advanced line and were among the last to leave the final scene of battle. The conduct of my command was highly complimented by Captain Thornton, of the Thirty-sixth Infantry, to whom I have before reffered. The whole army having fallen back to Waynesborough, and my command having been thrown into the regiment of reserves under the command of Colonel William H. Harman, I placed the remained of my men under the command of Captain N. R. Heaton, having remained of my men under the command of Captain N. R. Heaton, having consolidated them into one company, and they have since served in resisting the advance of General Hunter's army upon Lynchburg, and in the pursuit of that army upon its retreat into Western Virginia. The reserves have since then been discharged from duty, with the thanks of the commanding general, and my men have returned to their appropriate duties.
JAMES F. JONES,
Captain Niter and Mining Corps, and in Command of Battalion.
Major RICHARD MORTON,
Niter and Mining Corps, Richmond.
P. S._ The names of the killed and wounded will be forwarded as soon as possible.
Report of Colonel George W. Scott, Sixty-first New York Infantry, commanding brigade, of operations March 25, 1865.
HDQRS. FIRST Brigadier, FIRST DIV., SECOND ARMY CORPS,
March 27, 1865.
COLONEL: I have the honor to make the following report of operations of the First Brigade on the 25th instant:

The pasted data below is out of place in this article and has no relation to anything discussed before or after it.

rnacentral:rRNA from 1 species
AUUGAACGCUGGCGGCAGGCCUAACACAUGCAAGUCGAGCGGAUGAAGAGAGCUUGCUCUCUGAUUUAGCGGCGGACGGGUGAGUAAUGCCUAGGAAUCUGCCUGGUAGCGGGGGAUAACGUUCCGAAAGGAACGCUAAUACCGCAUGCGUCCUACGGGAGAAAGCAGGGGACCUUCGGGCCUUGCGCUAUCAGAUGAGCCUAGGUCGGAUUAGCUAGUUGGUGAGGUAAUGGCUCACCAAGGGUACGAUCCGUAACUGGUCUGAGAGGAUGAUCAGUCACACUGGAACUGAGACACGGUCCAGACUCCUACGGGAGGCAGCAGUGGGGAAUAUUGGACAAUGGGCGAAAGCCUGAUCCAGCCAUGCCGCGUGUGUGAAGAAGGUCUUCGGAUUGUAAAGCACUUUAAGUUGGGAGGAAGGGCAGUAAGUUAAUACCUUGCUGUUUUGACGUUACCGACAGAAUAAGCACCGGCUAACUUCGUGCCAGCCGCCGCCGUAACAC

About 6.30 a. m. I was ordered by the brevet major-general commanding the division, through a staff officers, from the Sixty-first New York Volunteers, to charge the enemy's picket lne on our front and break it if possible. I personally superintended this assault, but, owing to the density of the thicket and strength of the enemy's defense, my party was repulsed, though fighting gallantly, losing 3 killed, 15 wounded, and 10 missing. By direction of General Miles I marched my detachment to the left of our division line and selected a new point for a second assault. This time, though the enemy were on the alert, my men broke and carried their line, capturing 1 commissioned officer and about 25 men - my detachment of the Sixty-first New York Volunteers here losing 2 enlisted men killed, 12 men wounded, and 5 men missing. The corps officer of the day, Brevet Brigadier-General Madill, now rapidly advanced our whole picket-line beyond the old line main works, taking up line of battle a short distance in rear of the new line occupied by our pickets to my right and left, the Second New York Artillery to the right and the Fifth New Hampshire Volunteers to the left. Subsequently, about 1 p. m., I assembled these two regiments, and advanced my entire brigade line of battle to the front through an almost impassable thicket, woods, morass, slashing, &c., and finding the enemy holding a strong intrenched picket-line, their front covered by deep slashing and morass. I now, by direction of General Miles took up a more advantageous